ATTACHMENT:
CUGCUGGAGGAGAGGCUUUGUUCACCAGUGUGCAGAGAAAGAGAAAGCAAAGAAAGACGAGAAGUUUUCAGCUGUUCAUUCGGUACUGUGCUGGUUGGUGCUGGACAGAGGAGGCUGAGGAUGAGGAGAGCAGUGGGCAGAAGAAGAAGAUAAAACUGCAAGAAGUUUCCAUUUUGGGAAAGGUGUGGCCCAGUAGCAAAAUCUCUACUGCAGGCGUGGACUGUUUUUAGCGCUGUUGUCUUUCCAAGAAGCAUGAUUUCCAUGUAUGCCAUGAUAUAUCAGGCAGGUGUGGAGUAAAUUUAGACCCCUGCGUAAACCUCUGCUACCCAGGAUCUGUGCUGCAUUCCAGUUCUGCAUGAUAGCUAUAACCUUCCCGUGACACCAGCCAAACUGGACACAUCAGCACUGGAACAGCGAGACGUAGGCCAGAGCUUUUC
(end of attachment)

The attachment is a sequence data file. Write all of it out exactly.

CUGCUGGAGGAGAGGCUUUGUUCACCAGUGUGCAGAGAAAGAGAAAGCAAAGAAAGACGAGAAGUUUUCAGCUGUUCAUUCGGUACUGUGCUGGUUGGUGCUGGACAGAGGAGGCUGAGGAUGAGGAGAGCAGUGGGCAGAAGAAGAAGAUAAAACUGCAAGAAGUUUCCAUUUUGGGAAAGGUGUGGCCCAGUAGCAAAAUCUCUACUGCAGGCGUGGACUGUUUUUAGCGCUGUUGUCUUUCCAAGAAGCAUGAUUUCCAUGUAUGCCAUGAUAUAUCAGGCAGGUGUGGAGUAAAUUUAGACCCCUGCGUAAACCUCUGCUACCCAGGAUCUGUGCUGCAUUCCAGUUCUGCAUGAUAGCUAUAACCUUCCCGUGACACCAGCCAAACUGGACACAUCAGCACUGGAACAGCGAGACGUAGGCCAGAGCUUUUC